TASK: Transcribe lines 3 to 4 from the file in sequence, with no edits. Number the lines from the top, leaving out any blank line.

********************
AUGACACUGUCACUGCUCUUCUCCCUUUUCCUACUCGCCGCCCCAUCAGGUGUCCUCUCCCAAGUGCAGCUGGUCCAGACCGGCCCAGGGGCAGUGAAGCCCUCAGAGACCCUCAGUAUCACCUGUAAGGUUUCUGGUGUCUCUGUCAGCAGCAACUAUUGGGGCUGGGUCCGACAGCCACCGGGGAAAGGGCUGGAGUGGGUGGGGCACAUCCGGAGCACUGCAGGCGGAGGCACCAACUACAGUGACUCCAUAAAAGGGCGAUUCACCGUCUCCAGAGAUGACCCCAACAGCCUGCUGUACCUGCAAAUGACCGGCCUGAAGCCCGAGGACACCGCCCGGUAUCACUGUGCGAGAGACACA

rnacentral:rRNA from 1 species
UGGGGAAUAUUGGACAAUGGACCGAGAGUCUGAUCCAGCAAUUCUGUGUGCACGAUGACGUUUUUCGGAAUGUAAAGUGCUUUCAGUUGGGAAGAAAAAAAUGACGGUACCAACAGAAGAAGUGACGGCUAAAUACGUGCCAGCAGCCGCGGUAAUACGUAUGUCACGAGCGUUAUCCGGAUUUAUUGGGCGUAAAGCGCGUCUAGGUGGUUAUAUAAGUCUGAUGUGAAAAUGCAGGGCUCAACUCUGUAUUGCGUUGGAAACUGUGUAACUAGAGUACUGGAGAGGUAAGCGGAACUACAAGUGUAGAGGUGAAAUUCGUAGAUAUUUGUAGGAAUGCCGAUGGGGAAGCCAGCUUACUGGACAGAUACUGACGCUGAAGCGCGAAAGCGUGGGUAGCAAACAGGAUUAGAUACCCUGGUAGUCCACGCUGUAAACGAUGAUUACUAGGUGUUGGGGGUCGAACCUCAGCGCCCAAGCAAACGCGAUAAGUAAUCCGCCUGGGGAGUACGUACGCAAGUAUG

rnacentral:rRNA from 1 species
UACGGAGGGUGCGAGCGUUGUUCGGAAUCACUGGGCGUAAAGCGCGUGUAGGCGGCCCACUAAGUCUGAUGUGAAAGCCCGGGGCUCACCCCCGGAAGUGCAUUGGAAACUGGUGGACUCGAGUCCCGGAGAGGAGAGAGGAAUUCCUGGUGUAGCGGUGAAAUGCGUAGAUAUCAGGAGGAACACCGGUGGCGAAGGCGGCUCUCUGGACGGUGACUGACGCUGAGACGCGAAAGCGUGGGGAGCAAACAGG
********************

UGGGGAAUAUUGGACAAUGGACCGAGAGUCUGAUCCAGCAAUUCUGUGUGCACGAUGACGUUUUUCGGAAUGUAAAGUGCUUUCAGUUGGGAAGAAAAAAAUGACGGUACCAACAGAAGAAGUGACGGCUAAAUACGUGCCAGCAGCCGCGGUAAUACGUAUGUCACGAGCGUUAUCCGGAUUUAUUGGGCGUAAAGCGCGUCUAGGUGGUUAUAUAAGUCUGAUGUGAAAAUGCAGGGCUCAACUCUGUAUUGCGUUGGAAACUGUGUAACUAGAGUACUGGAGAGGUAAGCGGAACUACAAGUGUAGAGGUGAAAUUCGUAGAUAUUUGUAGGAAUGCCGAUGGGGAAGCCAGCUUACUGGACAGAUACUGACGCUGAAGCGCGAAAGCGUGGGUAGCAAACAGGAUUAGAUACCCUGGUAGUCCACGCUGUAAACGAUGAUUACUAGGUGUUGGGGGUCGAACCUCAGCGCCCAAGCAAACGCGAUAAGUAAUCCGCCUGGGGAGUACGUACGCAAGUAUG

rnacentral:rRNA from 1 species